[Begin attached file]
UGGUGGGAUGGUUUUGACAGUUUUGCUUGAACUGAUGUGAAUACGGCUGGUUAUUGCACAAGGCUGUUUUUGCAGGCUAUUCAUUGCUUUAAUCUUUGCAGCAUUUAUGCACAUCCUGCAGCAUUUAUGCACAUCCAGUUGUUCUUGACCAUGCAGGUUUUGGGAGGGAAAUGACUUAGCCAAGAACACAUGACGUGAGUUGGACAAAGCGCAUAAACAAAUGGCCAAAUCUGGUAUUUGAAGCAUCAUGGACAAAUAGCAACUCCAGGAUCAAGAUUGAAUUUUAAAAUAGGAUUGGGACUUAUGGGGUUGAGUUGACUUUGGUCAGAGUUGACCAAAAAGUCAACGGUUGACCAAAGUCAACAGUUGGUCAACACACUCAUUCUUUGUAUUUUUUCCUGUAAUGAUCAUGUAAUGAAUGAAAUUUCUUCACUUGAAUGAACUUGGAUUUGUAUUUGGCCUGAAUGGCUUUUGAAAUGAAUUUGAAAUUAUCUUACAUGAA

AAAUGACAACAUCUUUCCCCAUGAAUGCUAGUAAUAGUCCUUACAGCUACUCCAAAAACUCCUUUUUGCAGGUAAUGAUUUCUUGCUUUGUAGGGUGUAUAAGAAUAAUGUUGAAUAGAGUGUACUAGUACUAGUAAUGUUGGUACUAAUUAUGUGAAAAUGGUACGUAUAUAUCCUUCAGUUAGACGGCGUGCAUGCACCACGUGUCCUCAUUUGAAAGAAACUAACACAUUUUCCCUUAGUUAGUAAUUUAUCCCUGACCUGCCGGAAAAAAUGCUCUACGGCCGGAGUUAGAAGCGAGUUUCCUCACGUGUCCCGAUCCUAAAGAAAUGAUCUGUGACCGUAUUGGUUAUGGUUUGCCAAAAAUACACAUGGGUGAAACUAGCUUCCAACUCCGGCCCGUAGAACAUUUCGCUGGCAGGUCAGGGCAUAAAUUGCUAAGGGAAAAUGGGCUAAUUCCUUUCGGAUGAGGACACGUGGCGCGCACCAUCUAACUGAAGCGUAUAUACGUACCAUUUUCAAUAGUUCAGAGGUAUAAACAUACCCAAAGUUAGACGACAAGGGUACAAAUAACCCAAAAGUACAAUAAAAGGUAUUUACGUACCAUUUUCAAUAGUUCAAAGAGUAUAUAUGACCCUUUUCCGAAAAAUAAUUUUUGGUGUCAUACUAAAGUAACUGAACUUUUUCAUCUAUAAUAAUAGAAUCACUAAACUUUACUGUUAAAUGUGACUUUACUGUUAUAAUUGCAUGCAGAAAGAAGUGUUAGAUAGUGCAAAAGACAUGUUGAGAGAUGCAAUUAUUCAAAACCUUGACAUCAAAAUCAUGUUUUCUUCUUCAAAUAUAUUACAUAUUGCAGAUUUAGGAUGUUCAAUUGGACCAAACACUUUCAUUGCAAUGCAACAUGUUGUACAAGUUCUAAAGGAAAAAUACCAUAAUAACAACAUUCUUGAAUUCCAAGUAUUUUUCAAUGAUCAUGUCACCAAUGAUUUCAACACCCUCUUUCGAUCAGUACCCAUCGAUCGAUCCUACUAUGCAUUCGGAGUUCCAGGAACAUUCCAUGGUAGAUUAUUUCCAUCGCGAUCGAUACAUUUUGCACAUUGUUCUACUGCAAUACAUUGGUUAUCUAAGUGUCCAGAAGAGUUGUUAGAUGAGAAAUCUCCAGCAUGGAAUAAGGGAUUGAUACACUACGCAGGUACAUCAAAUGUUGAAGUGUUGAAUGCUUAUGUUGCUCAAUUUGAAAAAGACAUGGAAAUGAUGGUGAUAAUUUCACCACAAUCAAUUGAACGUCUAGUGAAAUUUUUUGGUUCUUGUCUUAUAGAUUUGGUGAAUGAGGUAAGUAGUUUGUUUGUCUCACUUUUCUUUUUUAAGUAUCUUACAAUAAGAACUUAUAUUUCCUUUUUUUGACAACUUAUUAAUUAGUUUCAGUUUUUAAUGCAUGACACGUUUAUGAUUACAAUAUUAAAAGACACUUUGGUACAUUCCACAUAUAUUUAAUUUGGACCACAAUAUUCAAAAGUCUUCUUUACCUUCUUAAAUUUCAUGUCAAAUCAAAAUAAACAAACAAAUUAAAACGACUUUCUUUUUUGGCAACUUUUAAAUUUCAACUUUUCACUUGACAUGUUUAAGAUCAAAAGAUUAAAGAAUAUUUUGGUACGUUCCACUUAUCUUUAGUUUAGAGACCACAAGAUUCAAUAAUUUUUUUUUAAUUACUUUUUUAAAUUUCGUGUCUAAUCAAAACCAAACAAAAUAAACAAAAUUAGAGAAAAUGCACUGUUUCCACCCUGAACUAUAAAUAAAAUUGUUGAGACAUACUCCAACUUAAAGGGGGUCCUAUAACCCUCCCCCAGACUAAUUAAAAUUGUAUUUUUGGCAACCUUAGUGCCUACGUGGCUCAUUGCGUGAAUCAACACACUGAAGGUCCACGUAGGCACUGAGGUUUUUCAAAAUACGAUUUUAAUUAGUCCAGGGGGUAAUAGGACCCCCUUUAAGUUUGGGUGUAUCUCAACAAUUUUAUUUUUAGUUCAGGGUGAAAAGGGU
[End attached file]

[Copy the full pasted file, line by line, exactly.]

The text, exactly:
UGGUGGGAUGGUUUUGACAGUUUUGCUUGAACUGAUGUGAAUACGGCUGGUUAUUGCACAAGGCUGUUUUUGCAGGCUAUUCAUUGCUUUAAUCUUUGCAGCAUUUAUGCACAUCCUGCAGCAUUUAUGCACAUCCAGUUGUUCUUGACCAUGCAGGUUUUGGGAGGGAAAUGACUUAGCCAAGAACACAUGACGUGAGUUGGACAAAGCGCAUAAACAAAUGGCCAAAUCUGGUAUUUGAAGCAUCAUGGACAAAUAGCAACUCCAGGAUCAAGAUUGAAUUUUAAAAUAGGAUUGGGACUUAUGGGGUUGAGUUGACUUUGGUCAGAGUUGACCAAAAAGUCAACGGUUGACCAAAGUCAACAGUUGGUCAACACACUCAUUCUUUGUAUUUUUUCCUGUAAUGAUCAUGUAAUGAAUGAAAUUUCUUCACUUGAAUGAACUUGGAUUUGUAUUUGGCCUGAAUGGCUUUUGAAAUGAAUUUGAAAUUAUCUUACAUGAA

AAAUGACAACAUCUUUCCCCAUGAAUGCUAGUAAUAGUCCUUACAGCUACUCCAAAAACUCCUUUUUGCAGGUAAUGAUUUCUUGCUUUGUAGGGUGUAUAAGAAUAAUGUUGAAUAGAGUGUACUAGUACUAGUAAUGUUGGUACUAAUUAUGUGAAAAUGGUACGUAUAUAUCCUUCAGUUAGACGGCGUGCAUGCACCACGUGUCCUCAUUUGAAAGAAACUAACACAUUUUCCCUUAGUUAGUAAUUUAUCCCUGACCUGCCGGAAAAAAUGCUCUACGGCCGGAGUUAGAAGCGAGUUUCCUCACGUGUCCCGAUCCUAAAGAAAUGAUCUGUGACCGUAUUGGUUAUGGUUUGCCAAAAAUACACAUGGGUGAAACUAGCUUCCAACUCCGGCCCGUAGAACAUUUCGCUGGCAGGUCAGGGCAUAAAUUGCUAAGGGAAAAUGGGCUAAUUCCUUUCGGAUGAGGACACGUGGCGCGCACCAUCUAACUGAAGCGUAUAUACGUACCAUUUUCAAUAGUUCAGAGGUAUAAACAUACCCAAAGUUAGACGACAAGGGUACAAAUAACCCAAAAGUACAAUAAAAGGUAUUUACGUACCAUUUUCAAUAGUUCAAAGAGUAUAUAUGACCCUUUUCCGAAAAAUAAUUUUUGGUGUCAUACUAAAGUAACUGAACUUUUUCAUCUAUAAUAAUAGAAUCACUAAACUUUACUGUUAAAUGUGACUUUACUGUUAUAAUUGCAUGCAGAAAGAAGUGUUAGAUAGUGCAAAAGACAUGUUGAGAGAUGCAAUUAUUCAAAACCUUGACAUCAAAAUCAUGUUUUCUUCUUCAAAUAUAUUACAUAUUGCAGAUUUAGGAUGUUCAAUUGGACCAAACACUUUCAUUGCAAUGCAACAUGUUGUACAAGUUCUAAAGGAAAAAUACCAUAAUAACAACAUUCUUGAAUUCCAAGUAUUUUUCAAUGAUCAUGUCACCAAUGAUUUCAACACCCUCUUUCGAUCAGUACCCAUCGAUCGAUCCUACUAUGCAUUCGGAGUUCCAGGAACAUUCCAUGGUAGAUUAUUUCCAUCGCGAUCGAUACAUUUUGCACAUUGUUCUACUGCAAUACAUUGGUUAUCUAAGUGUCCAGAAGAGUUGUUAGAUGAGAAAUCUCCAGCAUGGAAUAAGGGAUUGAUACACUACGCAGGUACAUCAAAUGUUGAAGUGUUGAAUGCUUAUGUUGCUCAAUUUGAAAAAGACAUGGAAAUGAUGGUGAUAAUUUCACCACAAUCAAUUGAACGUCUAGUGAAAUUUUUUGGUUCUUGUCUUAUAGAUUUGGUGAAUGAGGUAAGUAGUUUGUUUGUCUCACUUUUCUUUUUUAAGUAUCUUACAAUAAGAACUUAUAUUUCCUUUUUUUGACAACUUAUUAAUUAGUUUCAGUUUUUAAUGCAUGACACGUUUAUGAUUACAAUAUUAAAAGACACUUUGGUACAUUCCACAUAUAUUUAAUUUGGACCACAAUAUUCAAAAGUCUUCUUUACCUUCUUAAAUUUCAUGUCAAAUCAAAAUAAACAAACAAAUUAAAACGACUUUCUUUUUUGGCAACUUUUAAAUUUCAACUUUUCACUUGACAUGUUUAAGAUCAAAAGAUUAAAGAAUAUUUUGGUACGUUCCACUUAUCUUUAGUUUAGAGACCACAAGAUUCAAUAAUUUUUUUUUAAUUACUUUUUUAAAUUUCGUGUCUAAUCAAAACCAAACAAAAUAAACAAAAUUAGAGAAAAUGCACUGUUUCCACCCUGAACUAUAAAUAAAAUUGUUGAGACAUACUCCAACUUAAAGGGGGUCCUAUAACCCUCCCCCAGACUAAUUAAAAUUGUAUUUUUGGCAACCUUAGUGCCUACGUGGCUCAUUGCGUGAAUCAACACACUGAAGGUCCACGUAGGCACUGAGGUUUUUCAAAAUACGAUUUUAAUUAGUCCAGGGGGUAAUAGGACCCCCUUUAAGUUUGGGUGUAUCUCAACAAUUUUAUUUUUAGUUCAGGGUGAAAAGGGU